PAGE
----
MOUNT VERNON – Knox Labs, Inc., President Nick Clark has announced the organization's success in landing a substantial planning grant from the US Dept. of Agriculture to pay for developing a strategic plan and business concept for a "makerspace" to occupy the main floor of the former Farley & Moore/JC Penney building at 104 South Main Street in downtown Mount Vernon.
Clark was part of the Knox Labs board that successfully wrote an application to the USDA seeking $81,000 to cover the cost of hiring Massachusetts Institute of Technology (MIT)-affiliated The Fab Foundation to perform a complete strategic planning and community assessment of Knox County's needs and desires for a makerspace in downtown Mount Vernon.
Clark said, "As the first President of the Knox Labs, Inc. Board, I am helping lead what is, in many ways, a start-up business. During the past year, our Board has sought to best understand how our organization will function, what need it will serve in the community, and how to ensure Knox Labs is sustainable well into the future. This grant, which allows us to hire an MIT-related makerspace consultant, will provide Knox Labs with a rigorous and well-defined business plan. It will also allow us to gauge the community's interests in a makerspace as well as which equipment, programs and membership benefits we need to offer. This is a game changer for our organization."
In the grant application, the Knox Labs team described its intention to occupy the entire first-floor of the former JC Penney's building for a so-called makerspace. This makerspace would be co-located with the Mount Vernon Nazarene University's Engineering Department and create a completely integrated learning community among members of the Knox County community and the University. Further, this makerspace will be located on the newly resurgent South Main Street corridor in downtown Mount Vernon, which has experienced more than $30 million in private investment since 2010.
The MIT-affiliated Fab Foundation will assess the needs and desires of the Knox County community as to what equipment to place in the downtown makerspace, and which programs and curriculum to offer the community. The Cleveland-based Fab Foundation consulting team, led by a Kenyon College alumna who is a nationally recognized expert in makerspaces, will produce a business plan / strategic vision to guide the Knox Labs Board and its volunteers in creating a maker movement within Knox County.
Regarding this grant award, the Knox Labs Inc.'s Secretary, Jeffry Harris, said, "Creating a makerspace in Knox County, with its ability to incubate small businesses from 3D printer concepts or rough designs to possibly launching new businesses, is a key element of our community's economic development efforts. And the gold standard in creating makerspaces in the country is the MIT-affiliated Fab Foundation; this is the group that essentially helped launch the makerspace movement across the country during the past decade."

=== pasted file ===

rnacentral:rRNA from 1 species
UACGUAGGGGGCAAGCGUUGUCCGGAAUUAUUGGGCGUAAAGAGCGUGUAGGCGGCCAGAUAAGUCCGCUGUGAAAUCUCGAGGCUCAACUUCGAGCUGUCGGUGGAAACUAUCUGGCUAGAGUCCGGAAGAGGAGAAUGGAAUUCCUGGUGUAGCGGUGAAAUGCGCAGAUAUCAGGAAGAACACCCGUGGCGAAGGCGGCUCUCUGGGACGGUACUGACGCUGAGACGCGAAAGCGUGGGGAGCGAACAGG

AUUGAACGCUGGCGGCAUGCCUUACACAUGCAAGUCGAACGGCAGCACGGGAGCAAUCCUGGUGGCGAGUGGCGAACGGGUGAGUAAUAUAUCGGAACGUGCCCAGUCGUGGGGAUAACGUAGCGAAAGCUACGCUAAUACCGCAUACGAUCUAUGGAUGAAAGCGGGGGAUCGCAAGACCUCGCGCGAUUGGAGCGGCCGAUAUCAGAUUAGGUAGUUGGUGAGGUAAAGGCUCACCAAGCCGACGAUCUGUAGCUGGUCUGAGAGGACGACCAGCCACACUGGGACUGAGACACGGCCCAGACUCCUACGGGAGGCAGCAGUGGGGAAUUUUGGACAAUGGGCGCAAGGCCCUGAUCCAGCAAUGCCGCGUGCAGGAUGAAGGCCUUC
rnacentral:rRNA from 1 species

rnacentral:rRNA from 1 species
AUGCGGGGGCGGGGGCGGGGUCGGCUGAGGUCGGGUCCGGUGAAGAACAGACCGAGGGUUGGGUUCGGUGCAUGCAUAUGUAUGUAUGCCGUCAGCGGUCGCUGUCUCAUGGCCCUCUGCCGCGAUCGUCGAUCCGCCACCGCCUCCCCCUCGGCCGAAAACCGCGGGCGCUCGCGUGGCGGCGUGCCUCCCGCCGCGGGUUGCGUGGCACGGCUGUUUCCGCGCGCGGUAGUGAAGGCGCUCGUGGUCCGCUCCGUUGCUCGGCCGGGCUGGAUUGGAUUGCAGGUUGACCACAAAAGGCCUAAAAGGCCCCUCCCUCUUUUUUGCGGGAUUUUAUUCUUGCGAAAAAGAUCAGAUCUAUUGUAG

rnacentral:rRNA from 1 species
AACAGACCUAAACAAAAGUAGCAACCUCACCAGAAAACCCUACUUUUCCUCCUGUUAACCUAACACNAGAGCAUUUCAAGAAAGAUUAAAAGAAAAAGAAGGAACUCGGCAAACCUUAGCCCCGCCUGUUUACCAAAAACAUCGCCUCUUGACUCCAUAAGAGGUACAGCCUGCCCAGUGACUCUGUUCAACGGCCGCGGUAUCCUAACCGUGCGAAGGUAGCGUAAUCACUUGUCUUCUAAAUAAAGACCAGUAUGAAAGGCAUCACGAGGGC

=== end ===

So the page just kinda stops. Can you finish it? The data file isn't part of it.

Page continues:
Makerspaces, like the one Knox Labs will create with the MVNU Engineering Department in downtown Mount Vernon, are work-shop focused co-working centers that function with dues-paying members. The spaces are equipped with programmable prototyping tools such as milling machines; 3-D printers; and CNC laser cutters; these spaces feature ready access to the Internet, regional tech incubator resources, and crowdfunding tie-ins. The MIT-funded Fab Lab concept (link: http://fab.cba.mit.edu/) is a precursor to the general makerspace movement, keyed to attract woodworkers, sculptors and machinists, engineers, and printmakers. Dues-paying members of such makerspaces benefit from the stimulation, collaboration, encouragement and competition of fellow participants. They also benefit from economy-of-scale through shared equipment and space.
Knox Labs, Inc. was created in 2016 with the vision of three "makers," educators and tech entrepreneurs, Mark Furman, Nate Thomas and Ryan Bailey. Since its inception, a governance structure has been adopted and a complete board has been created with representation by MVNU's Engineering Department and Kenyon College, senior staff leaders at local manufacturers, K – 12 educators, experienced non-profit administrators and passionate "makers" who seek to create cool stuff on community-shared equipment. The board is collaborating with MVNU to open the makerspace during fall 2018.